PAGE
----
Petition aims to rename Trump Tower street for Obama
Tens of thousands of people have signed a petition to rename a one-block stretch of Fifth Avenue in New York City after former President Barack Obama. That particular block also happens to be the home of Trump Tower.
In May, Los Angeles renamed a stretch of Rodeo Road in honor of the 44th president, and the creator of the MoveOn.org petition hopes New York will follow. The petition is addressed to Mayor Bill de Blasio and the City Council, and as of Wednesday afternoon more than 135,000 people had signed it.
“We request the New York City Mayor and City Council do the same by renaming a block of Fifth Avenue after the former president whose many accomplishments include: saving our nation from the Great Recession; serving two completely scandal-free terms in office; and taking out Osama bin Laden, the mastermind behind September 11th, which killed over 3,000 New Yorkers,” creator Elizabeth Rowin wrote.
The petition requests that all buildings between 56th and 57th Streets on Fifth Avenue change their addresses. If the campaign is successful, Trump Tower’s new address would read: “725 President Barack H. Obama Avenue, New York, NY 10022.”
Rowin said she started the petition back in December after seeing a comedian joke about it on Twitter. “I thought, ‘That’s a great idea and probably no one is going to do anything about it,’ so I decided to do it,” she told CBS News Wednesday.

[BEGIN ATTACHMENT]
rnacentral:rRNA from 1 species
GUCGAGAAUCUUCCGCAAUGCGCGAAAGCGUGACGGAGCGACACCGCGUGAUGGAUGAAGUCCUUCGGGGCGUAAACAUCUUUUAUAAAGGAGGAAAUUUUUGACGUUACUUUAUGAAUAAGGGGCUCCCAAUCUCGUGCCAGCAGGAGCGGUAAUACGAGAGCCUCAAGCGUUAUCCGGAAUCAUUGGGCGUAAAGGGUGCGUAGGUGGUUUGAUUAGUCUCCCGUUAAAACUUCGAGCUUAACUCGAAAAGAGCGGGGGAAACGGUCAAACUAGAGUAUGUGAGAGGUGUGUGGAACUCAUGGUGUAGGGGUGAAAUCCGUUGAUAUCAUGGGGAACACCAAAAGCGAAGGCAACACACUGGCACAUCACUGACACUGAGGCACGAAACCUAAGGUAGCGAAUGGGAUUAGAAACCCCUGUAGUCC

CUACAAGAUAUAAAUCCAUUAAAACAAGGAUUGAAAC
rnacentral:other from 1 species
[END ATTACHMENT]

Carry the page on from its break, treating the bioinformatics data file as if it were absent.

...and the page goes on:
A few news sites picked up the petition in January, but then it “kind of died out,” Rowin said. It started to gain traction again after a viral tweet this week from a man in Scotland.
While a few city council members said they would look into it, Rowin said she has yet to receive any concrete responses from officials.
“I really didn’t think there was a chance that it could happen,” Rowin, who lives in Los Angeles, said. “I think it would be fabulous. I think people feel kind of helpless right now, and it’s a way to troll him,” she said of President Trump. “If he does hear about it, maybe it would slow him down and distract him.”
While New York regulations only require 100 signatures for the local area to consider a secondary street name, it prohibits street re-naming if the honorees are still alive.
But Rowin isn’t concerned. “That’s an arbitrary rule,” she said. “In L.A., there are two streets named after him. So there’s no reason New York couldn’t do it as well.”
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